Tonight, “Dallas” airs an episode over 30 years in the making: the funeral of J.R. “J.R.’s Masterpiece” is a moving tribute to both the iconic television character and the man who played him, Larry Hagman. In true ‘Dallas” fashion, there are both poignant moments and surprising plot twists. On the red carpet at Sunday’s PaleyFest celebration of the show, Linda Grey and Patrick Duffy, who were as central to Hagman’s life as their characters Sue Ellen and Bobby were to J.R.’s, shared their memories of their friend and revealed how J.R.’s death will impact “Dallas.”
Both Grey and Duffy were at Hagman’s bedside when he passed away. Grey recalled, “Patrick and I spent Wednesday with him, the day before Thanksgiving. Three hours with the three of us in a room. It was genius. We just talked and giggled and laughed and reminisced while he was in the hospital. Thursday was Thanksgiving, he was surrounded by his grandchildren and his son and his daughter. On Friday morning, the day after Thanksgiving, we got a call at nine in the morning. They said get to the hospital. He’s in a coma. We were all there to say goodbye.”
Duffy added, “I miss him not with sadness. I miss him with joy. I have yet to shed a real tear for Larry. Bobby sheds tears for J.R., but me, I have such great memories. Every time I think, ‘Oh God, Larry’s dead,’ I start to smile, because I start to remember my 35 years with him so I am not sad. But I miss his presence, make no mistake about it. One of the greatest parts of every day of mine going to work was getting out of my car and going to his room first.”
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Hagman’s death required the show’s writers to quickly rewrite the entire season. Duffy explained, “When he died, which was episode six, we had seven more episodes to do that had all been written. So the writers did a great job of taking the storylines, keeping everything they could possibly keep, and tweaking the other stuff, and trying to use footage that we had of Larry to make other episodes work until they did tomorrow’s episode, which they did unbelievably well. It’s crazy what they’ve done.”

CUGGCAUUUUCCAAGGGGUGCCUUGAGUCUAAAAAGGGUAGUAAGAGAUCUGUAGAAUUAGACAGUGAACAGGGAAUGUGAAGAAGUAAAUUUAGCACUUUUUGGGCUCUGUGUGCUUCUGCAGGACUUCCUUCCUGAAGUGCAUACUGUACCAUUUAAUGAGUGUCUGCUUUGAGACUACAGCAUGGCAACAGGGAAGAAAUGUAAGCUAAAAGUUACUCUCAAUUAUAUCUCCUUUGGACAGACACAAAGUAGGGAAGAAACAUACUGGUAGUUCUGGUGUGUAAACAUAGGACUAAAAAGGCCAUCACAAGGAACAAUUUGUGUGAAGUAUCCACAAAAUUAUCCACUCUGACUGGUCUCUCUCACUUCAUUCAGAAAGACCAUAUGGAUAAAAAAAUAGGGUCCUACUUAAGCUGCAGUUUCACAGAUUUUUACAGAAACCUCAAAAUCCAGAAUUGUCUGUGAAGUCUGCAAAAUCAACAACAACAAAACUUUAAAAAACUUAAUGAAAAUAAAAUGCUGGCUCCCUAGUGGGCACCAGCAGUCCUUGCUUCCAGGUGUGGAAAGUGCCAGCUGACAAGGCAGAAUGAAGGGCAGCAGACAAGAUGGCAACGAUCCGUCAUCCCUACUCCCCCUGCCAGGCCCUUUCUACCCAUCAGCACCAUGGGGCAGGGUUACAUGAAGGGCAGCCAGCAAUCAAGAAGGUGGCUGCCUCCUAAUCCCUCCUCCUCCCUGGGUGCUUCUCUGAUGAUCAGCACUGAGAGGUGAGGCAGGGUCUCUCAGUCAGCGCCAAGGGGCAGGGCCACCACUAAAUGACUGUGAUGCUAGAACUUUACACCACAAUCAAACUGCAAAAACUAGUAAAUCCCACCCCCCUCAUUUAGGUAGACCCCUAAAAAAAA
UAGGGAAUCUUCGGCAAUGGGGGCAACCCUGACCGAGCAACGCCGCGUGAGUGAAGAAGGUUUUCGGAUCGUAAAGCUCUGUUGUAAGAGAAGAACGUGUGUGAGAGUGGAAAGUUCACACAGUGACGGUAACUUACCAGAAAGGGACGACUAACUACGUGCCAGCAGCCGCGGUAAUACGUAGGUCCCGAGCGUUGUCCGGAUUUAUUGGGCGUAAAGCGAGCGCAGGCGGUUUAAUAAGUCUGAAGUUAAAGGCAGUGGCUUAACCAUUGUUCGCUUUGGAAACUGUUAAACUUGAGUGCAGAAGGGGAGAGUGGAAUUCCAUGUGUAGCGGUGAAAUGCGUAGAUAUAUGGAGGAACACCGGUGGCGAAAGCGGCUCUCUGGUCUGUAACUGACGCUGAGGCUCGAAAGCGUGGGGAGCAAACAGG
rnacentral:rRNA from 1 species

Duffy has high praise for the funeral episode saying during the panel, “It’s probably the most brilliant piece of scriptwriting that I’ve read, whether it’s on this show or any other piece of television I’ve ever seen in the way that it resolves the problem with such dignity and respect and drama. I think every fan who has ever liked this show will think it is the pinnacle of ‘Dallas” writing and plot.”
J.R.’s death will impact the show’s younger characters as well. Jesse Metcalfe, who plays Christopher, reveals, “Each character in [the funeral] episode gets the opportunity talk about that defining moment where J.R. had a redeeming quality and really touched their hearts. What I love about Christopher’s moment is that it’s laced with truth and a bit of cynicism even in the end. It would have been so false after J.R.’s passing if Christopher had been, ‘He’s the greatest man ever and I always loved him.’ Christopher says, “One time he was there for me. His heart wasn’t all stone. But in the end he was J.R. like he always was.’”
The producers promised that viewers will learn who killed J.R. in the season finale. Said showrunner Cynthia Cidre, “Not letting the audience in on it would feel like making this great meal and then taking it away.” She added that, for now, Duffy is the only actor who knows who the killer is.
“Dallas” airs on Mondays at 9/8 on TNT.